First time in paperback, with a new Introduction and final chapter
World affairs expert and intrepid travel journalist Robert D. Kaplan braved the dangers of war-ravaged Afghanistan in the 1980s, living among the mujahidin—the “soldiers of god”—whose unwavering devotion to Islam fueled their mission to oust the formidable Soviet invaders. In Soldiers of God we follow Kaplan’s extraordinary journey and learn how the thwarted Soviet invasion gave rise to the ruthless Taliban and the defining international conflagration of the twenty-first century.
Kaplan returns a decade later and brings to life a lawless frontier. What he reveals is astonishing: teeming refugee camps on the deeply contentious Pakistan-Afghanistan border; a war front that combines primitive fighters with the most technologically advanced weapons known to man; rigorous Islamic indoctrination academies; a land of minefields plagued by drought, fierce tribalism, insurmountable ethnic and religious divisions, an abysmal literacy rate, and legions of war orphans who seek stability in military brotherhood. Traveling alongside Islamic guerrilla fighters, sharing their food, observing their piety in the face of deprivation, and witnessing their determination, Kaplan offers a unique opportunity to increase our understanding of a people and a country that are at the center of world events.
From the Trade Paperback edition.
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|Title of eBook: Soldiers of God|
|Release Date: 12-24-2008|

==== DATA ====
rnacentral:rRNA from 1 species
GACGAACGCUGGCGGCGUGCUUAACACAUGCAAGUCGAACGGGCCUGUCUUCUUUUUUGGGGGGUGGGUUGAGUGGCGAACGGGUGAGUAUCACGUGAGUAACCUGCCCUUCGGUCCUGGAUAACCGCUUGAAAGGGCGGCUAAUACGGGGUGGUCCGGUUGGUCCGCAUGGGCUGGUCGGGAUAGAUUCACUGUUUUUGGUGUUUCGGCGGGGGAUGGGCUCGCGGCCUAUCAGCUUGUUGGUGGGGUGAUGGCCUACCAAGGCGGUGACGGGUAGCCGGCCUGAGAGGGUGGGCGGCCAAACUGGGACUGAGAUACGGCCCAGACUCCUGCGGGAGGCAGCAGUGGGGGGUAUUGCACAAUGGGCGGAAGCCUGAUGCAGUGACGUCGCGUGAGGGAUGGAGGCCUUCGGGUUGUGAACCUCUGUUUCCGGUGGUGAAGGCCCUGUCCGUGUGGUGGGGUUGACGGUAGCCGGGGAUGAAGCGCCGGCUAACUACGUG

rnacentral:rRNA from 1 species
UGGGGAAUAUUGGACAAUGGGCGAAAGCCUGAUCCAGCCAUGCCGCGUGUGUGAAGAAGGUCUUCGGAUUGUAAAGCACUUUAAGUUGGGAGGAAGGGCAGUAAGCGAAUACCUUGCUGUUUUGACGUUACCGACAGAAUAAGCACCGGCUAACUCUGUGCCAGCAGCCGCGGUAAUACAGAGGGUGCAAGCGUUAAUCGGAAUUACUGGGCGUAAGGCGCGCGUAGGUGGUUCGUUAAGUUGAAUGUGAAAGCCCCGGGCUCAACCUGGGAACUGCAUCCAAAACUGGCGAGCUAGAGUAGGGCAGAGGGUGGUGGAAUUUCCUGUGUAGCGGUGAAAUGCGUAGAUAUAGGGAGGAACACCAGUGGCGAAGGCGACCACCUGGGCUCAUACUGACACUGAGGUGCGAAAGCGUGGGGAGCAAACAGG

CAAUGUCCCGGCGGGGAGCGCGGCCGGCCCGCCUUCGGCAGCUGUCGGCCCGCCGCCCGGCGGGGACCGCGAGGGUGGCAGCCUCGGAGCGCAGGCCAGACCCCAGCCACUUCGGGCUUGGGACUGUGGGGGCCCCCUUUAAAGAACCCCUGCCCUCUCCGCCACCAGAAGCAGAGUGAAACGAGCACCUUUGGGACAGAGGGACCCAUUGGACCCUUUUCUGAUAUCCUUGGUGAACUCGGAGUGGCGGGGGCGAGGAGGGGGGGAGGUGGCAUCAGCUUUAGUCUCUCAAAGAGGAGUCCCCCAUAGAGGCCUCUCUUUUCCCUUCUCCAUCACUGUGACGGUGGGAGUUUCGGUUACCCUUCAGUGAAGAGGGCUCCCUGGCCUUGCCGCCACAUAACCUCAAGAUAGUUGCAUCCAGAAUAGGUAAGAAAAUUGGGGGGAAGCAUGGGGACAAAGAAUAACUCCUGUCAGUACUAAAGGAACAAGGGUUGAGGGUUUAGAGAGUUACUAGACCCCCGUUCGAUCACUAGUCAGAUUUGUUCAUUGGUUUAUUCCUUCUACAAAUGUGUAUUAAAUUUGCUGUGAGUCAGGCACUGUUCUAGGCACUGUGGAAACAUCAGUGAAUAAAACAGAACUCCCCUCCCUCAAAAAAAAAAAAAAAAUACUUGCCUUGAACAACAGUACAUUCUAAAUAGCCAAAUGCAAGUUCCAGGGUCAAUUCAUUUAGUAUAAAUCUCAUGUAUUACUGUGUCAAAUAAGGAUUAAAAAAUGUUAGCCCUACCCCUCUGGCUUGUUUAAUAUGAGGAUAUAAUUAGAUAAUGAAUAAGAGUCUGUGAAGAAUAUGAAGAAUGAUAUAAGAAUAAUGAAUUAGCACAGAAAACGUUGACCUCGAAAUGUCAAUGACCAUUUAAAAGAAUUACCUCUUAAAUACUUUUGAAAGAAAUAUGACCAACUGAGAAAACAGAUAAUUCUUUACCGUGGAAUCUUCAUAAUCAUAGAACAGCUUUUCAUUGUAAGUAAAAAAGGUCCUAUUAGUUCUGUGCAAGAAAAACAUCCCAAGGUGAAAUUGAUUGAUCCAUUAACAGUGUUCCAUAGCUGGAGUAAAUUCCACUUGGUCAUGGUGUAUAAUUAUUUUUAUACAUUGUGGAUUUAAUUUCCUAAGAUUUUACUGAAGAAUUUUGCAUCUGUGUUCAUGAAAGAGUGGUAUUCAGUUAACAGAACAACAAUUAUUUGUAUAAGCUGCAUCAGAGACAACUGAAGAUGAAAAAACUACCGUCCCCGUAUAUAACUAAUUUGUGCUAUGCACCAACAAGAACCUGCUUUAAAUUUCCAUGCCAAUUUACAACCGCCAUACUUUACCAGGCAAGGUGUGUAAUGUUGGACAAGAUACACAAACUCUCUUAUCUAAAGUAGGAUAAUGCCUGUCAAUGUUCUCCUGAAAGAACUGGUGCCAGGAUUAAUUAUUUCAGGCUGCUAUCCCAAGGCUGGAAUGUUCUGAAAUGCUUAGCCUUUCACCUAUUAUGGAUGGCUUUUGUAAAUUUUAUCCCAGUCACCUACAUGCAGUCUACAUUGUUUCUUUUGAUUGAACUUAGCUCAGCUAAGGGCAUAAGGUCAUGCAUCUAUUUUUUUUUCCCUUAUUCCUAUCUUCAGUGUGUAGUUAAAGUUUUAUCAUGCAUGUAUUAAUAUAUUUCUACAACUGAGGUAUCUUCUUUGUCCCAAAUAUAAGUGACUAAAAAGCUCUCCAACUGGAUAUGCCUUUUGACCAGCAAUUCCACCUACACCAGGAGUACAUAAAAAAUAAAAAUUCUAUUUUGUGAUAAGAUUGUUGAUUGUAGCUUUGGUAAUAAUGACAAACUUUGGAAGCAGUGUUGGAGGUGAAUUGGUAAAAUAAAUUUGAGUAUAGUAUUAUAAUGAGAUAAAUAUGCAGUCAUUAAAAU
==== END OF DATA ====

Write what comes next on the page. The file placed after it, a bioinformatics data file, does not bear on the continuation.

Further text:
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Soldiers of God
The Growth of a Commander
As we all know, memory is selective. Individuals, like tribes and nations, continually revise their own pasts to conform with current self-images. This was especially true for the Pathans. "Facts," observed a British friend, "were so interwoven with fiction on the Northwest Frontier that one might as well unstitch all the carpets in the Khyber bazaar before finding a stitch of truth."
Between trips inside, I fell into a pattern of seeing Abdul Haq at least two times a week. I have only Haq's word for the seminal events of his youth. But that was all I wanted. It was his attitudes and image of himself, rather than the bare-bones literal truth, that I was after.
Haq's headquarters in a guarded Peshawar villa was one of the few places in the Third World I'd seen where real work--rather than the usual conspiracy-mongering over endless cups of tea--seemed to be done, where I knew that I was taking up valuable time. In the waiting room I always saw a group of muiahidin nervously clutching notes, waiting to see "Haji Sahab" (Mr. Haji). One entered Haq's private office only after removing one's shoes. Apart from that, his office had a surface resemblance to that of any businessman or lawyer in the West. Haq would usually be talking on one of his two desk phones while simultaneously reading a report and writing notes on a separate sheet of paper. Next to the two phones were a small globe and a red desk lamp. Papers were stacked at neat right angles to the other objects on the desk and separated into "in" and "out" piles. Behind the desk on the wall was a large map of Soviet posts in Kabul. (In the adjacent "war ro...